The Estonian Police and Border Guard Board expelled Sergei Chaulin, leader of the organization Russian Compatriots in Europe (affiliated with Rossotrudnichestvo), and revoked his long-term residence permit. Information about this was published on the website of the Estonian Security Police.
Chaulin had been the organizer of the Immortal Regiment rallies in Estonia. He had long spread “hostile Russian propaganda” and “incited national and political hatred under the banner of the anti-fascist movement,” the press release said.
According to the Estonian authorities, Russian Compatriots in Europe were pursuing “the Kremlin’s policy of divisiveness” in Estonia. “Russia’s unprovoked and unjustified aggression against Ukraine, which resumed on 24 February last year, explains the danger of such activities,” the security police website said.
Chaulin left Estonia on 14 February, he told the Estonian TV channel ERR that he is now in Russia. “I was deported. They summoned me to the police under the pretext of handing me portraits of the ‘Immortal Regiment’. KaPo officers were there. They presented me with a 30-page accusation, took my phone and documents, and sent me away. As I was in my work uniform, they deported me. They didn’t even give me a chance to call a lawyer,” he commented on the incident.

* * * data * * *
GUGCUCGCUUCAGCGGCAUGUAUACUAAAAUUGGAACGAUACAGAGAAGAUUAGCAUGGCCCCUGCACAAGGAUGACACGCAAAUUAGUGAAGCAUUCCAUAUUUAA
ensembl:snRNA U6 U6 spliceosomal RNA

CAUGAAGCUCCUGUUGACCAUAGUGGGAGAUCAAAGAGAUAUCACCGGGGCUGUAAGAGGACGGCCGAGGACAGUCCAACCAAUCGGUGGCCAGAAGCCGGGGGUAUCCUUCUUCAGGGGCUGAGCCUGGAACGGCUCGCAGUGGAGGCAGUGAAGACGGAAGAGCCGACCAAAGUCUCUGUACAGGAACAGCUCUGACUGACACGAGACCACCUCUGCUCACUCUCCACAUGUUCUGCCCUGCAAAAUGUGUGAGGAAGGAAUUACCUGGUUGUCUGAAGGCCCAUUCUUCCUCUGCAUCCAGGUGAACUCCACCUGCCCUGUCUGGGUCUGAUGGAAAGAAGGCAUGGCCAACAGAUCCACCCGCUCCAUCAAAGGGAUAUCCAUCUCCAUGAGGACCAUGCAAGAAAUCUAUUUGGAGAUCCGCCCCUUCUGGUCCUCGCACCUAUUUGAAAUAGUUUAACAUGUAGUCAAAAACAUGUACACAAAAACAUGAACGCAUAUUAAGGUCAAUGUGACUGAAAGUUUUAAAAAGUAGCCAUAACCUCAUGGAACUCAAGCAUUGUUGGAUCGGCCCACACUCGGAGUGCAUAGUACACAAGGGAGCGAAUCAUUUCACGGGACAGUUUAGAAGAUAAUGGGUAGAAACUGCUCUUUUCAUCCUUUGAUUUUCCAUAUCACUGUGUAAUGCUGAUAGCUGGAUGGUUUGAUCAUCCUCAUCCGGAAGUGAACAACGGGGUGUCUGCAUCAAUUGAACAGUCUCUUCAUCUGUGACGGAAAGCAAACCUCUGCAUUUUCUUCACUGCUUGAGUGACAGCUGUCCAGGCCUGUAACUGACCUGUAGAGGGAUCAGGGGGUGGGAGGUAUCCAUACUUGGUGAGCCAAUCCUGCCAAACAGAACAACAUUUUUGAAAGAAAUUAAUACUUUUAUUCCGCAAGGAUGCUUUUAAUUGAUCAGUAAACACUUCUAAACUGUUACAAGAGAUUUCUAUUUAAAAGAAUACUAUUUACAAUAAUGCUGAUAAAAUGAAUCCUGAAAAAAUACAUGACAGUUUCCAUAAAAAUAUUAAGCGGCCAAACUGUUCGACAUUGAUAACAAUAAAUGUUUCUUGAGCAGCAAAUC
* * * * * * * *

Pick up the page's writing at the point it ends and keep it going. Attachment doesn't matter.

Sergey Chaulin has lived in Tallinn and holds no citizenship. He has repeatedly spoken out in support of Russia’s annexation of Crimea and then the occupation of the Luhansk and Donetsk regions. Chaulin was chairman of the board of the Night Watch movement, which in April 2007 opposed moving the monument to the “Soviet Soldier-Liberator” in Tallinn from the city center to a military cemetery, and has since organized annual commemoration events on the date of the relocation related protests.
In 2016, Chaulin, along with other organizers of the Tallinn “Immortal Regiment” procession, were brought to court on charges of organizing an unauthorized public event. The activists were fined, but they were able to appeal the fines.
This is not the first time that pro-Kremlin activists have had their activities suspended in Estonia. In May 2022, Russian citizen Aleksei Yesakov, who had collaborated with Chaulin on his projects, was stripped of his residence permit and expelled from the country. Yesakov accused the Estonian authorities of “genocide of Russians”. According to the police, he incited inter-ethnic discord, spread Kremlin propaganda, and collaborated with Russian propaganda channels.
Another Chaulins friend, Sergei Seredenko, was sentenced to five and a half years in prison on charges of anti-state activities in September 2022. Chaulin, referring to Seredenko’s sentence, accused the Estonian state of repression.